There is an old saying which goes along the lines: “You never see a farmer on a bike.”
It is usually trotted out as a punchline by those angered at frequent tales of woe from members of our agricultural community. We often hear from ruddy-faced men in wellies how the farmers of Great Britain are being pushed to breaking point thanks to tumbling prices.
The trouble is lots of folk have as much difficulty sympathising with our nation’s farmers as they do with city bankers or disgraced politicians. To many the pleas of hard times is difficult to reconcile with magnificent homes and gas-guzzling 4x4s that some farmers seem to possess. Of course this isn’t the reality for the majority, but perception is everything and in the court of public opinion, farmers often struggle to attract much support.
In a different lifetime I enjoyed a happy two-and-a-half years living in rural middle England, a place where I was woken every morning by the local cockerel. I became good friends with those who worked the land and developed something approaching an understanding of what it takes to put food onto our dinner tables. I heard about the challenges they faced and, on occasions, I had a degree of sympathy for their plight.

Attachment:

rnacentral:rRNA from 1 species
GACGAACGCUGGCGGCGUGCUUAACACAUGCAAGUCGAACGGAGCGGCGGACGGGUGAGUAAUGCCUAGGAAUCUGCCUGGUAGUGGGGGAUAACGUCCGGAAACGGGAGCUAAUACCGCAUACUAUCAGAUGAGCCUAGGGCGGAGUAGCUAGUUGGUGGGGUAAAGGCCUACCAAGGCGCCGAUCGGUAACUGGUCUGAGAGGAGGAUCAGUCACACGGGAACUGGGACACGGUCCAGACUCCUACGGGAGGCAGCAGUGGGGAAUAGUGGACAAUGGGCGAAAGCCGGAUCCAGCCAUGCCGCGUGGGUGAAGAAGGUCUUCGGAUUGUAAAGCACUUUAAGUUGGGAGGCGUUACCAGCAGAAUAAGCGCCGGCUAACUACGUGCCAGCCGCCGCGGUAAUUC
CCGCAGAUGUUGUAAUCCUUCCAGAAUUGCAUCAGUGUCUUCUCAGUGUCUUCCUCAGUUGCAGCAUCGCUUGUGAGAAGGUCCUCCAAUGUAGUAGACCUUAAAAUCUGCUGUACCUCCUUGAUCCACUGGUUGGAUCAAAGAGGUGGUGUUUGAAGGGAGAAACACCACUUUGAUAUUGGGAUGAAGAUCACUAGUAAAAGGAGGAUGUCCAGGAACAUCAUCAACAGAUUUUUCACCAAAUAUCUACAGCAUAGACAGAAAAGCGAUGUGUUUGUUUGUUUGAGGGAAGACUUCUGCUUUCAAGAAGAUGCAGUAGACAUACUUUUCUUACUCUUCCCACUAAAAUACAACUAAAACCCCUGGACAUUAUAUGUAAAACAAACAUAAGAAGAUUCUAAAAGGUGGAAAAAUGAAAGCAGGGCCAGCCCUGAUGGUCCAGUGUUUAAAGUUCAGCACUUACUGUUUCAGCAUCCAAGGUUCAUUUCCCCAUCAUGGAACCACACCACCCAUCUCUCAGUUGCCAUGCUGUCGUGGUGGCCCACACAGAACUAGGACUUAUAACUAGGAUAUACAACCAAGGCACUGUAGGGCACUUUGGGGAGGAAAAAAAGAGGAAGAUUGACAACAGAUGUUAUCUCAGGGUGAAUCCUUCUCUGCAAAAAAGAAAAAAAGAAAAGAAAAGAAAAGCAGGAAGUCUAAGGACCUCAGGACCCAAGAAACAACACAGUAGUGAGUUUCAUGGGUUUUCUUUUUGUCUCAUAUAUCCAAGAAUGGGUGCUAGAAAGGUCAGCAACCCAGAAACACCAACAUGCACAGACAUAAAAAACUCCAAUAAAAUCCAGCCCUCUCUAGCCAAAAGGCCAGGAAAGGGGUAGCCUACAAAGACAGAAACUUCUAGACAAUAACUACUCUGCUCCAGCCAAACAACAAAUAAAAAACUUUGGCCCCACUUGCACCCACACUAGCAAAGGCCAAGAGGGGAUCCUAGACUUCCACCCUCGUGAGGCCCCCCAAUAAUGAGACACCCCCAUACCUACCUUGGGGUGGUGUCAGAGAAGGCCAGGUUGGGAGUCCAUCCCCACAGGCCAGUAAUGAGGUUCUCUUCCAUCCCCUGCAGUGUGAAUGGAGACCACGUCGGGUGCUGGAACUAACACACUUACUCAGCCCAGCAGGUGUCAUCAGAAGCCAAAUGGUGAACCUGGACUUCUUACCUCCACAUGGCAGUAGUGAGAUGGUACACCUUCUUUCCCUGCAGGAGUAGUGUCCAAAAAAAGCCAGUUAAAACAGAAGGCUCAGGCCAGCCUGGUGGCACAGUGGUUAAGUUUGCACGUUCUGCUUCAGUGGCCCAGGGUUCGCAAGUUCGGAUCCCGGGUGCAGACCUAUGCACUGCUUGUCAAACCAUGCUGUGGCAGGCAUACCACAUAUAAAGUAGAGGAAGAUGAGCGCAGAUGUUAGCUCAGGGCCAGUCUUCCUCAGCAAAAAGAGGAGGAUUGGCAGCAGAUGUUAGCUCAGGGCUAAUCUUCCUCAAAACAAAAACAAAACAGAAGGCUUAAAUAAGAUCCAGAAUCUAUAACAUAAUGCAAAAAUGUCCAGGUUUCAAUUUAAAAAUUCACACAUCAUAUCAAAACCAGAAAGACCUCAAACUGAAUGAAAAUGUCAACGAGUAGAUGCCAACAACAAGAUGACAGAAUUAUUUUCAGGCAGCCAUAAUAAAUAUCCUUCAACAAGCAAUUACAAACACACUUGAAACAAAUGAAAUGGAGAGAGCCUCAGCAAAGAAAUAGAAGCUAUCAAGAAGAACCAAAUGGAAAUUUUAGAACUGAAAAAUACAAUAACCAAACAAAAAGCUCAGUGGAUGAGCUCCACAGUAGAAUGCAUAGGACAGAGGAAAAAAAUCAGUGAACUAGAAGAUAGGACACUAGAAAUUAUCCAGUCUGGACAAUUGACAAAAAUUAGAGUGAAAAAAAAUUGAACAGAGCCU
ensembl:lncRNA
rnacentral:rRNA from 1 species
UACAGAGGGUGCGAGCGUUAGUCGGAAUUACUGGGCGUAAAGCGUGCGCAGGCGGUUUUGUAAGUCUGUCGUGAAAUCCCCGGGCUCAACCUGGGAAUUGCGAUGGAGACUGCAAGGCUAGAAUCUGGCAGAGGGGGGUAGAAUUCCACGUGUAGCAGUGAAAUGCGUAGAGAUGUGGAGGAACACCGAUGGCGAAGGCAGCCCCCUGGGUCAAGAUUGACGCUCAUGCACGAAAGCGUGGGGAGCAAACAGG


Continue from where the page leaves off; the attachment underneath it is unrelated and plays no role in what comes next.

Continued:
But despite this brief dalliance with life down on the farm, I find it difficult to see a way out of the latest crisis to affect our farming industry – the price of milk. We are beginning to see signs of a rising revolt from the tractor drivers of Great Britain who are incensed it is costing dairy farmers money to provide the country milk to pour on its cornflakes.
We have already seen farmers ‘confiscate’ milk from the chilled aisles of supermarkets in protest of, what they say, is the systematic destruction of a business, that in the case of many, has been in their families for generations.
Most dairy specialists are now being paid an average of less than 24p a pint of the white stuff, compared to the 30p they say it costs to produce it. The amount paid to dairy farmers has slumped by 10 per cent in 2015 and there is no sign of this figure improving any time soon.
At a time when the provenance of food is perhaps as important to consumers as it ever has been it seems that cow juice is one of the few things that we are willing to skimp on. There aren’t many major chains where you cannot pick up four pints of milk for a quid or less.
I am proud to say I shop local, but would I pay more for my pint of milk? I very much doubt it.